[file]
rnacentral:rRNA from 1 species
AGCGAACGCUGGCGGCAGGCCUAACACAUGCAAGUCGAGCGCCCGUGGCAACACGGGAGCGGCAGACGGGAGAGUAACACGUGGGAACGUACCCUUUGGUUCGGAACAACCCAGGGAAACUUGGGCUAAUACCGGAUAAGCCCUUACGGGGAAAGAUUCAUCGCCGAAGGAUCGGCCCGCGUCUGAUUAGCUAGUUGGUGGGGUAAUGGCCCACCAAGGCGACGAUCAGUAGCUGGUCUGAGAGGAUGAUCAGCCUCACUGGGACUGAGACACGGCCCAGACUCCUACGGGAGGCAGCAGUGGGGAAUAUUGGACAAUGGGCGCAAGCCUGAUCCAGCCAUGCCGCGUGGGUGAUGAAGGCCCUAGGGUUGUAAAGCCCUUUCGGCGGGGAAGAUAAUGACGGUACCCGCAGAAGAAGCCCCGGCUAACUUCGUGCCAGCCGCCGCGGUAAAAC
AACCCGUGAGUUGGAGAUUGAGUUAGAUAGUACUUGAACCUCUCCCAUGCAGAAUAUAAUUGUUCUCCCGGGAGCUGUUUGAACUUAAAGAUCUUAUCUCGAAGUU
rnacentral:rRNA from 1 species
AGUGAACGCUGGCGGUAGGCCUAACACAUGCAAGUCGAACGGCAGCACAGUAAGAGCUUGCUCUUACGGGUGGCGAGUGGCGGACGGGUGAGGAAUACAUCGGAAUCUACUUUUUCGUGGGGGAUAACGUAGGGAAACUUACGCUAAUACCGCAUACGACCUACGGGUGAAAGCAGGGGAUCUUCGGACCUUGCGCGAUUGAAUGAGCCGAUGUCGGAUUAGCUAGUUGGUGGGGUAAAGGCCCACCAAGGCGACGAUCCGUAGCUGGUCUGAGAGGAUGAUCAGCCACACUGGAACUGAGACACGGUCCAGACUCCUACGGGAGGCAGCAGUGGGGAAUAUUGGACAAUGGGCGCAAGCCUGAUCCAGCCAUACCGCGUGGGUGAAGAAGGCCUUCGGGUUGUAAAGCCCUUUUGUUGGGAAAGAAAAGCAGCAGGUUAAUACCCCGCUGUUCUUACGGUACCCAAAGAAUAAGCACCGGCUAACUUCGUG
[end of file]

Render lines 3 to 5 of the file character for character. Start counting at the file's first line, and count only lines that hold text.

AACCCGUGAGUUGGAGAUUGAGUUAGAUAGUACUUGAACCUCUCCCAUGCAGAAUAUAAUUGUUCUCCCGGGAGCUGUUUGAACUUAAAGAUCUUAUCUCGAAGUU
rnacentral:rRNA from 1 species
AGUGAACGCUGGCGGUAGGCCUAACACAUGCAAGUCGAACGGCAGCACAGUAAGAGCUUGCUCUUACGGGUGGCGAGUGGCGGACGGGUGAGGAAUACAUCGGAAUCUACUUUUUCGUGGGGGAUAACGUAGGGAAACUUACGCUAAUACCGCAUACGACCUACGGGUGAAAGCAGGGGAUCUUCGGACCUUGCGCGAUUGAAUGAGCCGAUGUCGGAUUAGCUAGUUGGUGGGGUAAAGGCCCACCAAGGCGACGAUCCGUAGCUGGUCUGAGAGGAUGAUCAGCCACACUGGAACUGAGACACGGUCCAGACUCCUACGGGAGGCAGCAGUGGGGAAUAUUGGACAAUGGGCGCAAGCCUGAUCCAGCCAUACCGCGUGGGUGAAGAAGGCCUUCGGGUUGUAAAGCCCUUUUGUUGGGAAAGAAAAGCAGCAGGUUAAUACCCCGCUGUUCUUACGGUACCCAAAGAAUAAGCACCGGCUAACUUCGUG